The voltage leaving the substation is about 8 times the voltage entering.
Ok, so the voltage increases a lot inside the first substation. What about the current?
Compare the current entering (4.8 amps) and leaving (0.68 amps) the first substation in Circuit B.

The current leaving the substation is about 5 times less than the voltage entering
The current leaving the substation is about 6 times less than the voltage entering
The current leaving the substation is about 7 times less than the voltage entering
The current leaving the substation is about 8 times less than the voltage entering
Lastly, what about the power? How does the power change as the electricity passes through the first substation?
The power drops a lot in the substation
The power mostly stays the same in the substation, maybe dropping just a bit
The power increases a lot in the substation
It turns out that an electrical substation is mostly just a big transformer .
A transformer is an electrical device that can easily increase or decrease the voltage
in a wire, while leaving the power mostly unchanged.
If it doubles the voltage, it cuts the current in half.
So, Circuit B might lose less power than Circuit A because
the first substation drastically increases the voltage and drastically decreases
the current in those long wires.

Can we understand why? The reason these wires lose energy is because they have
some Resistance . Resistance is complicated, but everything
(except maybe a Superconductor) has some Resistance, and it drains energy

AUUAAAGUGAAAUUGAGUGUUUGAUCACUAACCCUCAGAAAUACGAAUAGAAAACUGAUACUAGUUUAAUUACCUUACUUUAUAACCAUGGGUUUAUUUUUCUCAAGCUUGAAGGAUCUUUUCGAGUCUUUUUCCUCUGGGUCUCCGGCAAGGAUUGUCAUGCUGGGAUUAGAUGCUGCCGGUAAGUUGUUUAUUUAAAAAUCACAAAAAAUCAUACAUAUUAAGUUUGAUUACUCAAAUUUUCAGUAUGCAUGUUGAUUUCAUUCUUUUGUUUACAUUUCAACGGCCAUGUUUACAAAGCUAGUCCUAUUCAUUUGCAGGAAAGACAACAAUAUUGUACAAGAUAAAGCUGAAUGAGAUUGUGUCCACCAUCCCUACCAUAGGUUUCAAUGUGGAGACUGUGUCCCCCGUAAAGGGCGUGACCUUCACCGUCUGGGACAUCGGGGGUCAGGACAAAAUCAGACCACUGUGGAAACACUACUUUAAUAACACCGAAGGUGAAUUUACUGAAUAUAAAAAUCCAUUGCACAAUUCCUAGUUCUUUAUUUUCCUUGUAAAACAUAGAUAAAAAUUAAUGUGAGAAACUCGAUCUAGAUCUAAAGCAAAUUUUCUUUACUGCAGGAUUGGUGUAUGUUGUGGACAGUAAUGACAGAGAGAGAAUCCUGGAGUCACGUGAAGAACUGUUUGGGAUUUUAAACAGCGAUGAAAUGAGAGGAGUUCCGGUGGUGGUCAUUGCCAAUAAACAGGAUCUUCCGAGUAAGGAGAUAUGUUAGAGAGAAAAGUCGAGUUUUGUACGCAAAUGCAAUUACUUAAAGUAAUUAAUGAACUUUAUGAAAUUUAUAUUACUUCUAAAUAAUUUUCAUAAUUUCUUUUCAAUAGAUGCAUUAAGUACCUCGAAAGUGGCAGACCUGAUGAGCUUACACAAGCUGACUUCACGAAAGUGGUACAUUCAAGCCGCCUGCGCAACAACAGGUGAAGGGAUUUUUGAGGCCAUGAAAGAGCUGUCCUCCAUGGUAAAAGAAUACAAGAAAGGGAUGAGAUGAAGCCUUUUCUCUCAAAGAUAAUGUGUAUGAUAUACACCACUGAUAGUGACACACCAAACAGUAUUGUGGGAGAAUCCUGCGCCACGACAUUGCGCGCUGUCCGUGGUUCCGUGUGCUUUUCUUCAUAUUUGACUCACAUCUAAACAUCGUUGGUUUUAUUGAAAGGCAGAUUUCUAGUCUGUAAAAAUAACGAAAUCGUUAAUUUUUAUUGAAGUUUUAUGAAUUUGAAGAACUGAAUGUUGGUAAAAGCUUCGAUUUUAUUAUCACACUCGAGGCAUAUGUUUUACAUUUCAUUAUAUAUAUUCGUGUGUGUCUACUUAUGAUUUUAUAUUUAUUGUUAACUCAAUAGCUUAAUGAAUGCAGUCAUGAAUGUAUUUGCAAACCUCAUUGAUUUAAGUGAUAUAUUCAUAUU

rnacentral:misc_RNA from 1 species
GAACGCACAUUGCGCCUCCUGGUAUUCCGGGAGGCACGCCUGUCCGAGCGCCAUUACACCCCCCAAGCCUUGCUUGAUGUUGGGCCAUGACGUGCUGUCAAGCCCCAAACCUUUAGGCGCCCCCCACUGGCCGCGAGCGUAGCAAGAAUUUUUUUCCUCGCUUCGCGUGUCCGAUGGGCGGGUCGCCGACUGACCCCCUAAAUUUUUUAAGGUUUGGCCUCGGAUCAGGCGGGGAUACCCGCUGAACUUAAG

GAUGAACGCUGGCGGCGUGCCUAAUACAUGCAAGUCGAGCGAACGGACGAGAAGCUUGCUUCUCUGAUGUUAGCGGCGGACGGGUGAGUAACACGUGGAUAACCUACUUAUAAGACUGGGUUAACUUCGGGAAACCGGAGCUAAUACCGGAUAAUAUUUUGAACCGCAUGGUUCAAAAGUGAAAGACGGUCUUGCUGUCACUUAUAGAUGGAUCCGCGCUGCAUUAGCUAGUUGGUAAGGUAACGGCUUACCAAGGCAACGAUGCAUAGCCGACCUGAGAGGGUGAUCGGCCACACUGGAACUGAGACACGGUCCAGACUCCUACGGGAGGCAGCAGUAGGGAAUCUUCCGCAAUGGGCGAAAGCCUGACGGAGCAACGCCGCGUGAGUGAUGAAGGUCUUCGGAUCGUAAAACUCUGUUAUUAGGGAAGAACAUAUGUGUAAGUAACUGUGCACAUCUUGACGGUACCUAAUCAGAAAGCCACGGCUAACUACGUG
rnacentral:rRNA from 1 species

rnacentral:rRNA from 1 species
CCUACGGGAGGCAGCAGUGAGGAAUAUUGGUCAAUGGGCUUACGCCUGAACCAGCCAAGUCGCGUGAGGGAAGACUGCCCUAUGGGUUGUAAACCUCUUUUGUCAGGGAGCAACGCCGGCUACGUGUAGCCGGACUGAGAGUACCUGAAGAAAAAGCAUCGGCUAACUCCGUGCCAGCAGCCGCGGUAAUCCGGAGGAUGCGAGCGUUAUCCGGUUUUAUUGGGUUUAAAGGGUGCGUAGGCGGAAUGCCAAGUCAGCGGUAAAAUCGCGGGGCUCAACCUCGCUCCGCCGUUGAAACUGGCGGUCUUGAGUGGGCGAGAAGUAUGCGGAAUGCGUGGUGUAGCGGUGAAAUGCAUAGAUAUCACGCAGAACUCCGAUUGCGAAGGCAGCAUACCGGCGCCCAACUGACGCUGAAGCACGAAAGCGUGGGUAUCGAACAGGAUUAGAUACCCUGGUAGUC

from your circuit.

A scientist named Jeorg Ohm figured out the relationship between Voltage, Current,
and Resistance, so there's a rule called Ohm's Law that says:

Voltage = Resistance x Current
A little algebra rewrites that as:

Resistance = Voltage ÷ Current
We measure Resistance in Ohms, in honor of Jeorg Ohm.
Use the equation above to compute the resistance in the wires.

Let's analyze our results above. Compare the resistance of the wires in Circuit B to the resistance of the single long wire in Circuit A:
Circuit A has a lot less resistance
Both circuits have about the same resistance.
Circuit B has a lot less resistance.
So, the wires in the two circuits are pretty much the same. So, why does Circuit A lose so much more power? Let's do a bit more algebra, and combine the two equations that we know:
Voltage = Resistance x Current
Power = Voltage x Current

If we re-arrange them a bit, we see that:
Power = Resistance x Current x Current
That means that the Power lost in a wire depends on the resistance of the wire but also, more importantly, on the Current in the wire. If we double the current in the wire, we quadruple the power lost!
Now, finally, we understand why Circuit A loses so much more power than Circuit B.

Circuit B loses less energy in the long wires between the substations because the current in those wires is much less than the current in the wires in Circuit A.

One final question: if you are designing a power grid, how would you best minimize power losses in your circuits? Check all that apply.

String long wires straight from your Power Plant to the town, to minimize Resistance in your circuit
Add substations to your circuits to get the current as low as possible in your wires, since lower current means less power wasted to resistance
Keep your Power Plants as close as possible to the towns they are serving, since the power loss in a wire increases as the wire gets longer.
Do your results help explain why power is transferred for long distances
via huge towers instead of regular telephone poles?